What happens if you need to upgrade your roof or electrical panel?
Let’s say an engineer just completed your site visit and says you need to redo your roof: now what? While we haven’t seen any clear information on this situation, ultimately, it will likely depend on whether the roof changes will impact the SLD. If they will, you may also need to obtain your new roof designs at this stage so they can be included in the SLD. On the electrical panel side, you don’t need to worry: you can upgrade your electrical panel after April 14th while still retaining NEM 2 rates.
4. Submit your interconnection application
Due date: April 14, 2023!
While your installer will be the one to actually submit your interconnection application, you’ll need to be involved in the process. First, you’ll have to review and sign the California Solar Consumer Protection Guide as part of the application. If you’re planning on oversizing your system, you’ll also need to sign an oversizing attestation stating that you plan to make the electrical upgrades within the next year. Double-check that your property address and name are the same on every document. Your installer needs to submit this full application by April 14th at 5pm PST.
What can’t change after April 14, 2023?
A lot will happen after your interconnection application is submitted, including the installation itself. However, there are a few things you can’t adjust after April 14th if you want to remain grandfathered into NEM 2, including:
Increase your system size: while you can swap equipment if necessary, it can’t increase the size of your system.
Decrease your system by more than 20%: let’s say you decide not to purchase an EV this year – you can still decrease your system size as long as it’s not by more than 20%.
Change generators: while you can add a solar battery after April 14th, you’ll need to ensure your generator capacity stays the same.
Change installers: your installer may choose to use a subcontractor for your installation (especially if they’re inundated with installations during this hectic time!), which is not a problem; however, if your installer goes out of business and their name is no longer on the project, you won’t be able to remain grandfathered into NEM 2.
5. Install your solar energy system
Due date: April 14, 2026 (that’s right – three years)
Your installer has successfully submitted your interconnection application on time – now what’s the next step? There are a number of tasks your installer will be completing at this point, including acquiring a building permit, obtaining equipment, completing the installation itself, and receiving permission to operate. You’ll need to decide how you want to finance your system – either with cash or with one of the many great solar loan products available. In order for you to remain locked into NEM 2 rates, all of these steps must be completed within three years of the date your interconnection application is submitted (by April 14th, 2026 at the latest). But sooner is certainly better: once your system is installed and interconnected, you’re ready to start saving with your new solar energy system while being compensated for what you export to the grid at great rates!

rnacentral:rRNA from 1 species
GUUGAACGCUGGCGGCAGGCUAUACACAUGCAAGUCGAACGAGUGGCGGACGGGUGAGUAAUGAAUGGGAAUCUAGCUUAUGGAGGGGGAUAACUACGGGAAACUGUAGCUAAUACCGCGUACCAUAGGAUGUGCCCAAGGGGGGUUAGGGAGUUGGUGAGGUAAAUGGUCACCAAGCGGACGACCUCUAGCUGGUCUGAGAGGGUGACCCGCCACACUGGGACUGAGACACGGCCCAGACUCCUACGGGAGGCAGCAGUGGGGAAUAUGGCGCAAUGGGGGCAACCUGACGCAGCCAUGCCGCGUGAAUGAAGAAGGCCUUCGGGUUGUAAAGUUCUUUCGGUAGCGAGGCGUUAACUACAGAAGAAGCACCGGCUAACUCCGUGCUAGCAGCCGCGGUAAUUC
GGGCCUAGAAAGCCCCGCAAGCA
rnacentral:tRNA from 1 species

What can change after April 14, 2023?
There are a few changes that you can make after you’ve submitted your interconnection application without compromising your NEM 2 status, including:
Upgrading your electrical panel
Adding a solar battery
Changing your financing plan
Decreasing your system size by less than 20%
Changing equipment (if it doesn’t increase your system size)
Updating your meter
Go solar now with EnergySage
Installing a solar energy system can feel overwhelming, but EnergySage is here to make it simple. Get free quotes through the EnergySage Marketplace, and compare quotes from only prescreened, reputable solar installers. If you have any questions along the way, we’ll provide you with tools and resources and access to a free Energy Advisor to walk you through the process.